The DownlinkNov 10, 2023

Planetary paparazzi

Space Snapshot

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NASA’s Lucy spacecraft passed the main belt asteroid Dinkinesh on Wednesday, Nov. 1, 2023, en route to the Jupiter Trojan asteroids. As it flew by, Lucy observed what appeared to be a tiny asteroid moonlet in orbit around Dinkinesh. Further imaging revealed something even more surprising: a binary pair of moonlets close enough to touch one another. Image credit: NASA / Goddard / SwRI / Johns Hopkins APL.

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Fact Worth Sharing

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Pairs of touching asteroids — called contact binaries — are thought to be common in the Solar System. But those observed in orbit around asteroid Dinkinesh are among the first seen up-close and are the only ones ever observed orbiting another asteroid.

Mission Briefings

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A new NASA app will help you snap pics of the International Space Station. The Spot the Station app uses an augmented reality interface to show you where the station is at any given time, even if it’s on the other side of the planet. It also gives users options for capturing and sharing pictures and videos of their sightings in real-time. The app’s code is open source for anyone to access, modify, and use in their own projects and to provide optional feedback to the developers. Pictured: Planetary Society member Christopher Becke captured a sequence of images of the International Space Station passing in front of the Moon and combined them into this breathtaking image. Image credit: Christopher Becke.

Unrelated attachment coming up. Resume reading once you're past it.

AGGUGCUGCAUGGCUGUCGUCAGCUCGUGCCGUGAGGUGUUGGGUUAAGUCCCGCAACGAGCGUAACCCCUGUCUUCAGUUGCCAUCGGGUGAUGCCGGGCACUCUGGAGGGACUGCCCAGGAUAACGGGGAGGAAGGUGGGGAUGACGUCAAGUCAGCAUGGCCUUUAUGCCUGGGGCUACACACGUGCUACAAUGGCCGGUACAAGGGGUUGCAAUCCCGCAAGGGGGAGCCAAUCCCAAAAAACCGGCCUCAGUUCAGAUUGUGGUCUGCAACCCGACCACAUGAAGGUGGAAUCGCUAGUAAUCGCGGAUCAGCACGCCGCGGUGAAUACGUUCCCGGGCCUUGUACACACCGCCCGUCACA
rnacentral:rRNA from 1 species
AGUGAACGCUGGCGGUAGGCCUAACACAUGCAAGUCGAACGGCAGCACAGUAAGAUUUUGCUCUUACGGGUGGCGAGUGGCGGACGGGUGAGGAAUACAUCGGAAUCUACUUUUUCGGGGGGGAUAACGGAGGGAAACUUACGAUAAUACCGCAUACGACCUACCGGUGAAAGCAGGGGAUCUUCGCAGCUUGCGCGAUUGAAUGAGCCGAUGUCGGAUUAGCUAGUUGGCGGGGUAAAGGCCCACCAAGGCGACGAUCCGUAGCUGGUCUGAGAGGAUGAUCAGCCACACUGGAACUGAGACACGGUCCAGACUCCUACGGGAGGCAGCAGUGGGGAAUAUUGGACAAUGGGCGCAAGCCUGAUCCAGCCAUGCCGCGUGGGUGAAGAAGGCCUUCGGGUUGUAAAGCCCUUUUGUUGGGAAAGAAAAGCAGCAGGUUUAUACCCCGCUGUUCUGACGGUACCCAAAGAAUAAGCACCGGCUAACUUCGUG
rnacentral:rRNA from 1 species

NASA has delayed the development of an Artemis lunar rover. The agency is delaying the award of contracts to develop a lunar rover for future Artemis missions by four months to allow additional time to evaluate proposals, raising concerns in the industry about the future of the program. Aerospace industry officials have speculated that the delay may be linked to uncertainty about NASA’s budget in fiscal year 2024.


Citizen scientists are working to build Martian cloud maps. Participants in Cloudspotting on Mars, a NASA citizen science project, have been using data collected by the Mars Reconnaissance Orbiter to map the clouds over the Martian landscape. The project involves identifying the times at which clouds were spotted and the regions in the Martian atmosphere where they were found.


Thomas Ken Mattingly II, an American spaceflight hero, has died. The NASA astronaut served as command module pilot for Apollo 16 and spacecraft commander for space shuttle missions STS-4 and STS 51-C. Perhaps his most dramatic role was as ground support for the Apollo 13 mission, helping bring home the astronauts aboard the damaged spacecraft. He passed away on Oct. 31 at the age of 87.

From The Planetary Society

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Uranus and Neptune are a little camera shy. Compared to other worlds in our Solar System, there aren't many close-up, high-resolution images of the ice giants Uranus and Neptune. Learn why we don’t have more photos of Uranus and Neptune, find out more about the images we do have (like these ones captured by Voyager 2 in the 1980’s), and discover what might be done to better explore these planets in the future. Image credit: NASA / JPL-Caltech / Björn Jónsson.

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Mars is no stranger to the planetary paparazzi. It is one of the best-explored planets other than our own, and has had countless photos taken of it. We’ve collected our favorite images of the red planet taken from space — setting aside all the amazing photos taken by rovers and landers. From views of the entire planet to zoomed-in shots of beautiful surface features, there’s so much Mars to behold.